Spec. Issue 2006 - Article Summary

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Alternatives to the use of laboratory animals in veterinary education

Vera Baumans
Department Animals, Science & Society, Division Laboratory Animal Science, Utrecht University, Utrecht, The Netherlands
Veterinary Resources, Karolinska Institutet, Stockholm, Sweden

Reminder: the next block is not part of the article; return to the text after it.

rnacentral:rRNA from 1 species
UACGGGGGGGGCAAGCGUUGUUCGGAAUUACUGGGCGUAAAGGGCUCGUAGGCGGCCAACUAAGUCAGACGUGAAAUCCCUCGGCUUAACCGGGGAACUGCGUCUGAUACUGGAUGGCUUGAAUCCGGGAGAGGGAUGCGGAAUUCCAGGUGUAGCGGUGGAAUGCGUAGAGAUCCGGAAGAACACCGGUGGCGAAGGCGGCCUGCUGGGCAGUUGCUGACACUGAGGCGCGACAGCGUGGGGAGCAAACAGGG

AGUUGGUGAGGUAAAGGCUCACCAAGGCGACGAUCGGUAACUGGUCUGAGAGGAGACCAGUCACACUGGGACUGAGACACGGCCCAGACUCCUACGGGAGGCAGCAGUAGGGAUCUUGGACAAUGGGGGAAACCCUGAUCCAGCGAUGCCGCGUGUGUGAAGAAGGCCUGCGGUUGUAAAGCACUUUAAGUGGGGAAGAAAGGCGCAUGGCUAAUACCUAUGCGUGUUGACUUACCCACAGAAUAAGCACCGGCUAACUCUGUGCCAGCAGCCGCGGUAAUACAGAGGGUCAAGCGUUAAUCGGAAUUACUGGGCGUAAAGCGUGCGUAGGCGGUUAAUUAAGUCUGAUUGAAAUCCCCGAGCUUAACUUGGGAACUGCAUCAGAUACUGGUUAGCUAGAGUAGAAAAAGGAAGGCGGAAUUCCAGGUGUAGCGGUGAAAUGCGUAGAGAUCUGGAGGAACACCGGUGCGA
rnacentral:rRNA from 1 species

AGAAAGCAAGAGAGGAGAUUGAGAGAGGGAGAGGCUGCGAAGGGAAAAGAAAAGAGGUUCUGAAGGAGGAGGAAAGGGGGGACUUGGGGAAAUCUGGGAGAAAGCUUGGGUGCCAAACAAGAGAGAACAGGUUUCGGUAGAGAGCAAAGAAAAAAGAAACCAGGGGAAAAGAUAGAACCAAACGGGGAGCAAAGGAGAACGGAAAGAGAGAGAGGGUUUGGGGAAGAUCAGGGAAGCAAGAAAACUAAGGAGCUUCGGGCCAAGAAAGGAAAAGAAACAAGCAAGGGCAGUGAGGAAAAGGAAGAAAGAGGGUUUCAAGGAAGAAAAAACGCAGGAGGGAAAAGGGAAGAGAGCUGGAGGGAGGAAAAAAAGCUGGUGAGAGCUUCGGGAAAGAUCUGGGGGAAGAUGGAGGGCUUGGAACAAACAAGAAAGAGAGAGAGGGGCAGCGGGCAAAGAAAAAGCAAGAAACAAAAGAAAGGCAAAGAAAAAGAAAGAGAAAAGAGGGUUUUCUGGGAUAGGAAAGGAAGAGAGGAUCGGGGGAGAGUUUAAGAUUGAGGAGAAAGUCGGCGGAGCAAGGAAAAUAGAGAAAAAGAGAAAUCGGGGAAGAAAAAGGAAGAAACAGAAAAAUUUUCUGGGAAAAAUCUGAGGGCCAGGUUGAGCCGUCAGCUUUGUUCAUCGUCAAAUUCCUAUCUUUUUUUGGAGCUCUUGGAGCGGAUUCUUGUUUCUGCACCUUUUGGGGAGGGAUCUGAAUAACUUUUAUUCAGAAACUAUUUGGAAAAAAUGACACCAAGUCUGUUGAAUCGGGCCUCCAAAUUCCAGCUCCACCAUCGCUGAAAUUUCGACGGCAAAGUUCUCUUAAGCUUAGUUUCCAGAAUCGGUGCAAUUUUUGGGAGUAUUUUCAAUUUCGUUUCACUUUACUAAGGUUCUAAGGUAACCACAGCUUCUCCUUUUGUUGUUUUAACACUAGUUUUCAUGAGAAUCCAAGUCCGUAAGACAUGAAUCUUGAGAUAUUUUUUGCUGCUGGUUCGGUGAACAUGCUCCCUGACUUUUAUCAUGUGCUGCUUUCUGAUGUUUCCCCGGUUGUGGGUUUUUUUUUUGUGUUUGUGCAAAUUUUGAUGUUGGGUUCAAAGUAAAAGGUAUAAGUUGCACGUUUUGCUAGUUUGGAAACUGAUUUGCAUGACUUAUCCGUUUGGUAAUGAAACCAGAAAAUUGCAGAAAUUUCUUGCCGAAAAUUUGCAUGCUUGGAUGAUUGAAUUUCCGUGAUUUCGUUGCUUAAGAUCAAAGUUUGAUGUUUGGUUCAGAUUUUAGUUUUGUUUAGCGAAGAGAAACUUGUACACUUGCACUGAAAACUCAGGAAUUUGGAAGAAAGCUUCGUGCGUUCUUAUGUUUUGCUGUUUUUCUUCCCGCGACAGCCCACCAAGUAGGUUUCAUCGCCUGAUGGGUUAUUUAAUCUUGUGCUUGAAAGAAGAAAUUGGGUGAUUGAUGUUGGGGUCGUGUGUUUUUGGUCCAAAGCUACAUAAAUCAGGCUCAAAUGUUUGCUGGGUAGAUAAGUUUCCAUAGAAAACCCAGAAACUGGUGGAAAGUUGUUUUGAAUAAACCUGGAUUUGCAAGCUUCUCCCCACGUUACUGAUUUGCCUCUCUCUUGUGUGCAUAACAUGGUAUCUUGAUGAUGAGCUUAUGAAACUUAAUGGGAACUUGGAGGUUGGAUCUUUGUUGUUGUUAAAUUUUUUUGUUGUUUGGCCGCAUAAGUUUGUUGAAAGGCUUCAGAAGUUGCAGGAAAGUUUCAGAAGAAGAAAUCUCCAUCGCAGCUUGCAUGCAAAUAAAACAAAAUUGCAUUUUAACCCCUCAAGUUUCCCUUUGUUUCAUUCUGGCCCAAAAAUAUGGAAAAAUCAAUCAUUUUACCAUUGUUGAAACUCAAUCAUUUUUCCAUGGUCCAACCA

About 75 million vertebrates are used worldwide per year for experimental purposes, of which 10 million within Europe. On average, about 2% is used for education and training purposes. The basis of legislation on the use of animals for experimental purposes is the Three Rs principle of Russell and Burch: replacement, reduction and refinement. Most legislation contains provisions to protect the animals such as the definition of legitimate purposes for animal use, competence of scientists and animal staff, the use of alternatives and prevention of unnecessary pain and distress. One of the legitimate purposes is the use of animals in education and training, only permitted when the objective cannot be achieved by comparable effective audiovisual or any other suitable methods (Art 25, ETS123). In many countries, the use of animals for educational purposes in the veterinary curriculum requires approval by the Animal Ethics Committees. Many alternatives have been developed and are already in use in veterinary education such as interactive videos and computer simulations, in vitro cell cultures, slaughterhouse material, plastinated organs, dead animals from a humane/ethical source and clinical case-based practice. The debate on the use of animals in veterinary education should include the question who benefits: the laboratory animals, the animal patients, the animal owners, the veterinary students, the teachers and/or the management? Concerning the quality of the veterinarian trained with or without live animals, no difference in surgical performance could be shown so far. Future aims should include a listing of case studies on available teaching materials in a database and a large-scale controlled international study on replacement methods in veterinary education.

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